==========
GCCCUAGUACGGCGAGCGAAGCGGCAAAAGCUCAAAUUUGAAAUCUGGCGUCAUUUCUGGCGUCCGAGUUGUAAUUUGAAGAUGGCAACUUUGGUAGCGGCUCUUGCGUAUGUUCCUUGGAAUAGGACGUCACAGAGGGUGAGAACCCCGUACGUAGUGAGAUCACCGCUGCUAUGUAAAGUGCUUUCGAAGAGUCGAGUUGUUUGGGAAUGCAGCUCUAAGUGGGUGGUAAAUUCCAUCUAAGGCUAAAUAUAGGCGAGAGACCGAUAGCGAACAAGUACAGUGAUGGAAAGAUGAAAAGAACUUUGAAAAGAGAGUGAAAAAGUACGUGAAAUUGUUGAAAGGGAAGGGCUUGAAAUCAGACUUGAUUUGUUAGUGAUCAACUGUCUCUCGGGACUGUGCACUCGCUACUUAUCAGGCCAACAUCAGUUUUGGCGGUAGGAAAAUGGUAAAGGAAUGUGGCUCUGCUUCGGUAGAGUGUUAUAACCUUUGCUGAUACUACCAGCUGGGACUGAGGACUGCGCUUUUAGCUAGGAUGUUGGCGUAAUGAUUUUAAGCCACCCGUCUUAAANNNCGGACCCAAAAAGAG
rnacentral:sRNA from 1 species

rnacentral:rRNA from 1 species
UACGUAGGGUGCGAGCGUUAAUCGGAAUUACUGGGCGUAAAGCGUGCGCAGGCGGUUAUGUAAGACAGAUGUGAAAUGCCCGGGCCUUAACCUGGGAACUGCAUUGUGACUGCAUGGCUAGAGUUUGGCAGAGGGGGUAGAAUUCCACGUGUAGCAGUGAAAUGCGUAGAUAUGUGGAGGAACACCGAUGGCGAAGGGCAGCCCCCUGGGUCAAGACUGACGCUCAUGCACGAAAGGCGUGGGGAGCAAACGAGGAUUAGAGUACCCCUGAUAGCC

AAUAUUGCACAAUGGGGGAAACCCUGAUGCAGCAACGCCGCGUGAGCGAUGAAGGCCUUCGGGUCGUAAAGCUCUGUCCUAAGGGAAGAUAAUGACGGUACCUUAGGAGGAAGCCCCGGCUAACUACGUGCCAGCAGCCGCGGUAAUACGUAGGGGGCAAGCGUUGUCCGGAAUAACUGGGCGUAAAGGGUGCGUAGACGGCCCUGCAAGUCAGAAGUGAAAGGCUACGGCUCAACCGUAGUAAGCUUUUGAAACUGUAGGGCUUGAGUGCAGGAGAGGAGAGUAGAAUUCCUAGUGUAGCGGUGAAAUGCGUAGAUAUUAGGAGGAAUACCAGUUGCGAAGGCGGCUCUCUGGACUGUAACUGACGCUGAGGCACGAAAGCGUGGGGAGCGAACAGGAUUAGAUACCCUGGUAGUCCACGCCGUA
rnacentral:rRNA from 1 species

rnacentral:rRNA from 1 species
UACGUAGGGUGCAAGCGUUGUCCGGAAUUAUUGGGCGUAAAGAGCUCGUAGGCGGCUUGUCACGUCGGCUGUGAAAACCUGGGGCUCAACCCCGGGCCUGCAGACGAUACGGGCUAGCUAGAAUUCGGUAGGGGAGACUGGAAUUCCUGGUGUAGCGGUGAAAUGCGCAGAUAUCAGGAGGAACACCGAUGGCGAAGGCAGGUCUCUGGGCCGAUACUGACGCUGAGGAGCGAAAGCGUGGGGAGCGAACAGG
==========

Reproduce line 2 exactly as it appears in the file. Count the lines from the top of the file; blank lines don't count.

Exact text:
rnacentral:sRNA from 1 species